Voyager 1 is a small craft, weighing barely 1,820 lb. (825.5 kg). Its most prominent feature is a 12-ft (3.7-m) wide dish antenna, for talking with Earth – when there’s no straight line of communication, a Digital Tape Recorder kicks in, able to hold up to 67 MB of data for later transmission. In all, Voyager 1 carries 11 different instruments to study the heavens.

Voyager 1 and its range of instruments, which have been progressively shut down as the craft’s power waned. Credit: NASA/Hulton Archive/Getty Images

The idea for the Voyagers, 1 and 2, grew out of the Mariner program’s focus on the outer planets. The Voyagers got their own name as their field of study started to diverge towards the outer heliosphere and beyond.

The heliosphere is the ‘solar bubble’ created by the solar wind, i.e. the plasma emitted by the Sun. The region where solar wind slows down to below the speed of sound is called the termination shock. The heliopause is the outer limit of this bubble, where outward movement of solar plasma is nullified by interstellar plasma from the rest of the Milky Way. Beyond lies interstellar space.

The Voyagers were built to withstand the intense radiation in those far reaches of space – in part by applying a protective layer of kitchen-grade aluminum foil.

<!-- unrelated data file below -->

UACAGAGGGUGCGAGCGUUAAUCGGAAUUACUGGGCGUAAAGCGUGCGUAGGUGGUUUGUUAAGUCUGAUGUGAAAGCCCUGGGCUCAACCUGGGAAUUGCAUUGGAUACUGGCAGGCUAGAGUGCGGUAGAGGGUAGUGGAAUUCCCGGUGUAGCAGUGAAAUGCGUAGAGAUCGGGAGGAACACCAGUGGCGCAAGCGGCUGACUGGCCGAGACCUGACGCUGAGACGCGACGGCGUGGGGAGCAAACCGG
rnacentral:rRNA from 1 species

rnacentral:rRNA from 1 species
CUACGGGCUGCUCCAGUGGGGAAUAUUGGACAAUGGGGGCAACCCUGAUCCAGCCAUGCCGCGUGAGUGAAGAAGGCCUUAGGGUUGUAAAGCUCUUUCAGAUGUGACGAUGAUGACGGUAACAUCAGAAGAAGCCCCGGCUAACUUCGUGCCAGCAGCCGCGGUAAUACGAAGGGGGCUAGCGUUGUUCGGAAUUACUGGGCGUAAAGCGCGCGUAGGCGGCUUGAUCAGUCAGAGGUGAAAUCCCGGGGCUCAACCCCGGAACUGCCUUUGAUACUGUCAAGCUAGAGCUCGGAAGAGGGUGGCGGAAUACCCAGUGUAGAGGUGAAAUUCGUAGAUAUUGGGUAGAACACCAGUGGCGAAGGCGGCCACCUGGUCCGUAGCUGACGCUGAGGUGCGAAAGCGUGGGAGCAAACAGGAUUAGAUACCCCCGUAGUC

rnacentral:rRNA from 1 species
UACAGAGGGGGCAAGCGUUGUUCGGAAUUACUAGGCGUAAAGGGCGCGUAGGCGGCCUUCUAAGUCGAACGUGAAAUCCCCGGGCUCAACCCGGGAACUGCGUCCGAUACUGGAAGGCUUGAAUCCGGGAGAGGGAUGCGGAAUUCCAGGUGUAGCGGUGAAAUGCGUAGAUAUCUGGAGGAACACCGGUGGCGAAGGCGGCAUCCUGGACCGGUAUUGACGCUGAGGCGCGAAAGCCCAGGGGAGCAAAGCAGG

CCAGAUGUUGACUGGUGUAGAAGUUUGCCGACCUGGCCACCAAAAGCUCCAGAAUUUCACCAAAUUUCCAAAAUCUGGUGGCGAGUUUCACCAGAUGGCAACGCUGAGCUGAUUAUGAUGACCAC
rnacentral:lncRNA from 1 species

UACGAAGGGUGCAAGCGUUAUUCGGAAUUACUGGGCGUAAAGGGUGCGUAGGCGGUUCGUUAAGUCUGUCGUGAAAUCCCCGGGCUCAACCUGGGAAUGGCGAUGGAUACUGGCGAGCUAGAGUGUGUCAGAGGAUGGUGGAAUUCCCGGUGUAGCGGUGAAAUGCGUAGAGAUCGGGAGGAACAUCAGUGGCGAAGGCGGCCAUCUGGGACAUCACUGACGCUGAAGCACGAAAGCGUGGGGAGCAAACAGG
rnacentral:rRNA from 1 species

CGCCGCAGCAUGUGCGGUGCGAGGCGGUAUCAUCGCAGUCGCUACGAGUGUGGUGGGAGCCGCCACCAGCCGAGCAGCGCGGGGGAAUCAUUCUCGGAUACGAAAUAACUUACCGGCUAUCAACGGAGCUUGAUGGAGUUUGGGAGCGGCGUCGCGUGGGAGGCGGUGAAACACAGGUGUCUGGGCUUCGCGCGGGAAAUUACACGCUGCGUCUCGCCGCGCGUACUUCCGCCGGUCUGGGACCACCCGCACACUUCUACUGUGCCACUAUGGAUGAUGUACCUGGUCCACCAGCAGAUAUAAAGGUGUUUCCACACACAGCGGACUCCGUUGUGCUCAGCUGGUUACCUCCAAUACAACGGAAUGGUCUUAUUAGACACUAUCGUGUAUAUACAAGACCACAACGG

Humanity’s farthest probe into the Universe was launched on September 5, 1977, confusingly 16 days after Voyager 2. More than 43 years later, the craft is still sending data back to Earth – but not for very much longer. Here are a few snapshots for the family album:

  • December 19, 1977: Voyager 1 overtakes Voyager 2. Voyager 1 is travelling at a speed of 3.6 AU per year, while Voyager 2 is only going at 3.3 AU. So, Voyager 1 is constantly increasing its lead over its slower brother.
  • Early 1979: Voyager 1 flies by Jupiter and its moons, taking close-ups of Jupiter’s Great Red Spot and spotting volcanic activity on the moon Io – the first time ever this was observed outside Earth.
  • Late 1980: flyby of Saturn and its moons, especially Titan. The flybys of the two gas giants gave ‘gravity assists’ that helped Voyager 1 continue its journey.
  • February 14, 1990: Voyager takes a ‘Solar System Family Portrait’, its final picture and the first one of the solar system from the outside. It included an image of the Earth from 6 billion km (3.7 billion mi) away, as a ‘Pale Blue Dot‘.
  • February 17, 1998: Voyager 1 reaches 69.4 AU from the Sun, overtaking Pioneer 10 and becoming the most distant spacecraft sent from Earth.
  • 2004: Voyager 1 becomes the first craft to reach termination shock, at about 94 AU from the Sun. The Astronomic Unit (AU) is the average distance from Sun to Earth (about 93 million mi, 150 million km or 8 light minutes).
  • August 25, 2012: after a few months of ‘cosmic purgatory’ and 10 days before the 35th anniversary of its launch, Voyager 1 became the first human-made vessel to cross the heliopause, at 121 AU, thus entering interstellar space.